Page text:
AskRail ap

Full service app for railroad emergency response

When a train accident in Charlottesville, Va., almost 40 years ago resulted in a dangerous fire, it took firefighters some 12 hours to figure out whether the railcars were carrying hazardous materials. Today, they would know in minutes using AskRail.

Launched in 2014, AskRail is a mobile app developed by the International Association of Fire Chiefs and the Association of American Railroads (AAR) that’s available for free to first responders who need to know what to expect at the scene of a train incident. Users enter railcar numbers into the app’s search engine to instantly see what’s onboard. They can also check what’s on the entire train, get guidance on handling hazardous substances and call emergency contacts for various railroads.

“Before I would have had to look at all different resources,” said Charles Werner, a 37-year veteran of the Charlottesville Fire Department who now serves on the boards of the International Association of Fire Chiefs Technology Council, AAR’s Public Safety Advisory Committee and the National Alliance for Public Safety GIS Foundation. “We’re able now to get a good idea of what’s on the train and what’s on the individual cars without really having to be in visual line of sight. We can already get some kind of idea of what the train consists of before we take any action. That’s a huge difference from where we used to be.”

That means fire chiefs and other public-safety personnel can start planning their response before they’re even on the scene, saving time and keeping responders safer, he added.

Railinc, the IT and services subsidiary of AAR, built the app and a data pipeline to automatically get information on train consists -- lists of all the railcars and their contents -- from Class I railroads. When users open the app, they type in a railcar number, the app pings the database and details about the type of car and its contents pop up.

“Whenever the consist changes on the railroad side, they will send that via a message to us, and that becomes part of our data store,” said Joan Smemoe, director of application engineering and software development at Railinc. “Sometimes if they don’t do that, then during the incident, we will make a web service call to pull the latest information.”

The app also integrates with the Emergency Response Guidebook, enabling users to click through for information on handling chemicals, and they can use the map feature to not only pinpoint the incident scene, but also visualize nearby points of interest, including those that could help, such as hospitals, and those that might need to be evacuated, such as schools.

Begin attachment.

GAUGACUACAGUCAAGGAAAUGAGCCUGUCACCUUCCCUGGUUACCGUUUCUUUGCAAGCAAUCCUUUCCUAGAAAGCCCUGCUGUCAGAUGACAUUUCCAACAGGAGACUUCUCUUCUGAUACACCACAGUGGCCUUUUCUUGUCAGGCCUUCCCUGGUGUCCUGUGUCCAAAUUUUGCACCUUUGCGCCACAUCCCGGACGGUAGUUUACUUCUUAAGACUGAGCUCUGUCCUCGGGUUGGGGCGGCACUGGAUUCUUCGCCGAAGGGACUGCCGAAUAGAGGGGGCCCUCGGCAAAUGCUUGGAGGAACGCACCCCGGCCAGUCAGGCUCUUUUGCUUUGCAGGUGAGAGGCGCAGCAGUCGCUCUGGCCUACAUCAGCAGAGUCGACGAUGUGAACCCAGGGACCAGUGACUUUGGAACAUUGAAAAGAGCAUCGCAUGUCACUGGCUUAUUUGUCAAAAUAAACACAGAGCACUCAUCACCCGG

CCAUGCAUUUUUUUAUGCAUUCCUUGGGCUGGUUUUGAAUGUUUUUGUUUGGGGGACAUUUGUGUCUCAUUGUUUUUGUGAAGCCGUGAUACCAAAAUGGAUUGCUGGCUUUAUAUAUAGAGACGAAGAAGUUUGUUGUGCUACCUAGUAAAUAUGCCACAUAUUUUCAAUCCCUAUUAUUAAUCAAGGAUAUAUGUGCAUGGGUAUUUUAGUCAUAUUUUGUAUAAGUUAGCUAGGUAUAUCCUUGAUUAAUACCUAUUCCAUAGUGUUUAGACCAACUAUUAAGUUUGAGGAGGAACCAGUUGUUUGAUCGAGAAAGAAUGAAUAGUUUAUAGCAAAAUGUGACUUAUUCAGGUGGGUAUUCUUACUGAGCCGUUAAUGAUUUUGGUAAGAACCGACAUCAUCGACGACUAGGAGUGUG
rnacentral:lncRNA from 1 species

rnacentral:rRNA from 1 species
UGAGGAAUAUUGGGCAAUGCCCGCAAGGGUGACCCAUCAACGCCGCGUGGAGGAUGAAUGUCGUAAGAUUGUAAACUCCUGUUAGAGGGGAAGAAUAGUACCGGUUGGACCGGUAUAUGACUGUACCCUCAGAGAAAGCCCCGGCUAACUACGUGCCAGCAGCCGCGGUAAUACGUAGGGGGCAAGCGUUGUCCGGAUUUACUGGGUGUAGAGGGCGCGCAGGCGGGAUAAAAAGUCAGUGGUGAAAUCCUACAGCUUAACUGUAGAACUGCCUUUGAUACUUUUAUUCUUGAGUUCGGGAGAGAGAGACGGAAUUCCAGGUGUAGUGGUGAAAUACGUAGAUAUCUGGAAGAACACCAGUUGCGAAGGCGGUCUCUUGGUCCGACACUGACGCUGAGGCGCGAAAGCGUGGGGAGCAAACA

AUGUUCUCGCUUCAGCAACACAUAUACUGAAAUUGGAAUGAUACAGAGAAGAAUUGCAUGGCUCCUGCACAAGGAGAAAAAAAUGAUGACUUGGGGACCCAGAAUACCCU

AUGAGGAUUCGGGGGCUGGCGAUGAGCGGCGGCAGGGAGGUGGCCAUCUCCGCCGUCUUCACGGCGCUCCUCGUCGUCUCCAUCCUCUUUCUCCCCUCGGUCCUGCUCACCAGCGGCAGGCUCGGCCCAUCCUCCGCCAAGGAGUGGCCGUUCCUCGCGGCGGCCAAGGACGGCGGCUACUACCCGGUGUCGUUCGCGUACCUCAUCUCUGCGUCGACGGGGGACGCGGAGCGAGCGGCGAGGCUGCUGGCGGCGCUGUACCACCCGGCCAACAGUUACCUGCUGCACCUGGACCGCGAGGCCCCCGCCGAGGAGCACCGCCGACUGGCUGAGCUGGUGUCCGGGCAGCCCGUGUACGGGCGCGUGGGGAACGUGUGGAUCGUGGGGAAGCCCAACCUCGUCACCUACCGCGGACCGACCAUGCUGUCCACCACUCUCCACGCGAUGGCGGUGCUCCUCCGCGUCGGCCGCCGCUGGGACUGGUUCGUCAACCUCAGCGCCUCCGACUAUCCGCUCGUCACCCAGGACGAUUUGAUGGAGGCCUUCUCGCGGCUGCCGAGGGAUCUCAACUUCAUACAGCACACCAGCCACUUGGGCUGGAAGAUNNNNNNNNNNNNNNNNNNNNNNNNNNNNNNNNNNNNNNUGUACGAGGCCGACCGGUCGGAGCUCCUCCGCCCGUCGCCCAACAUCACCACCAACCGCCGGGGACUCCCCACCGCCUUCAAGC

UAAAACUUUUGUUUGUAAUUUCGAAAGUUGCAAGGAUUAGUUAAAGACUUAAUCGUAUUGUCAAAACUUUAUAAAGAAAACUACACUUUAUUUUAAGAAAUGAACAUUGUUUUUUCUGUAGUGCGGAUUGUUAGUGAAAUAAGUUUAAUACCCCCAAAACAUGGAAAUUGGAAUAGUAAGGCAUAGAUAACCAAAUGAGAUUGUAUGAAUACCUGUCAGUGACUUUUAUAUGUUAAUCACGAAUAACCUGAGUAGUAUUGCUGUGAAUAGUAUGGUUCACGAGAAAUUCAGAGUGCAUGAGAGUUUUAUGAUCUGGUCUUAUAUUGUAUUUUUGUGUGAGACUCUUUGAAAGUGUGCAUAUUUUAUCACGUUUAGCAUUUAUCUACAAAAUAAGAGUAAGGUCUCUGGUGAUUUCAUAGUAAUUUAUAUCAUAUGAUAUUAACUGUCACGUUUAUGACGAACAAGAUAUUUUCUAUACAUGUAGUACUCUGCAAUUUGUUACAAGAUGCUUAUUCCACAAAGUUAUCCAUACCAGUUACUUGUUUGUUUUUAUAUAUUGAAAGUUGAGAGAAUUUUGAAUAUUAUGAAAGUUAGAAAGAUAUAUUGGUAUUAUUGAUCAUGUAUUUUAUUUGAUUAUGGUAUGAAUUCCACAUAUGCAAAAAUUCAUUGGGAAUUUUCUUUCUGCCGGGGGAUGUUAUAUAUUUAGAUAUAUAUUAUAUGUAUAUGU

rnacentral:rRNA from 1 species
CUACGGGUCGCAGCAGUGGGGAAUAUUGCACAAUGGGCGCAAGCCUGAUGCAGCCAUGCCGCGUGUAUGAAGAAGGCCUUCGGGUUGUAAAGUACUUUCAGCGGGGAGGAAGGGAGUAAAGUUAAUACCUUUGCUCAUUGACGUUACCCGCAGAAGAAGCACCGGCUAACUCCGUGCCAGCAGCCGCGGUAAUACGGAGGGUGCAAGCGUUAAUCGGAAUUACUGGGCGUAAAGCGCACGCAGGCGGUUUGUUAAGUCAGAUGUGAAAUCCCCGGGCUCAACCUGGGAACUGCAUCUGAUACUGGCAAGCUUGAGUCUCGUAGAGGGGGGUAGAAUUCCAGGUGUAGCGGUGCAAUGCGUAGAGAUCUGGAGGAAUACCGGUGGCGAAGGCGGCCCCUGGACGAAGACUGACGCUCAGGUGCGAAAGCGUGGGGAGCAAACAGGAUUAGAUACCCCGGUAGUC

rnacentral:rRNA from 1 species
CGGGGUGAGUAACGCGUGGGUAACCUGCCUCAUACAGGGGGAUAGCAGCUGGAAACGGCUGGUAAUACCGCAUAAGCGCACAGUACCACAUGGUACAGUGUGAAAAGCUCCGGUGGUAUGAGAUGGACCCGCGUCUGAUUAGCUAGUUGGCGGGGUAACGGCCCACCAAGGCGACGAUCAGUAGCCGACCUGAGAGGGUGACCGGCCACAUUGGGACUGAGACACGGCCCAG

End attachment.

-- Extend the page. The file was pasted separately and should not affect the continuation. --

AskRail is available by invitation only. First responders can request access via, but they must be sponsored by a Class I railroad, which has its own approval policies and procedures.

After access is granted, it’s device-based, so no login is required. But Railinc manages security by limiting use of the app to three devices, tracking usage daily and requiring an annual recertification process, he added.

AskRail began in 2014 with railcar lookup that gave first responders a way to get information on railcars should the conductor or physical consist be unavailable at the scene of an incident. Initially, Railinc relied on java stacks for the web application, Android stacks for the Android app and iOS stacks for Apple users. This year, the company used Ionic, a front-end software development kit that’s part of Apache Cordova, to move to a single codebase.

“You develop once in a Java framework and you have to do some additional work, but you’re able to deploy using the Apple and Android and PC framework, so now we have one consolidated codebase and we can respond to the needs from the fire chief and from the railroad incidents response team a lot quicker,” Smemoe said.

Today about 20,000 users across all 50 states and eight Canadian provinces use AskRail.

The app meets everything Werner wished he’d had when he was on the force. Now, he’s part of the conversation to keep AskRail moving forward. Part of that conversation includes looking to the First Responder Network Authority to help ensure connectivity.

“That’s going to enhance that coverage,” Werner said. “Hopefully there will be some satellite coverage at some point that helps to fill in some of those gaps.”

In 2018, Railinc plans to add plume modeling to the app -- something Werner and others recommend. If there’s a chlorine spill that produces a harmful cloud, for example, analytics could calculate wind speed to indicate what areas might be affected.

“What’s most impressive to me is that [Railinc is] constantly is having conversations with and learning from those of us that are responders as to what it is we need, Werner said. “And they’re making that work.”

Editor's note: This article was changed Dec. 22 to clarify the relationship between Railinc and AAR.

About the Author

Stephanie Kanowitz is a freelance writer based in northern Virginia.

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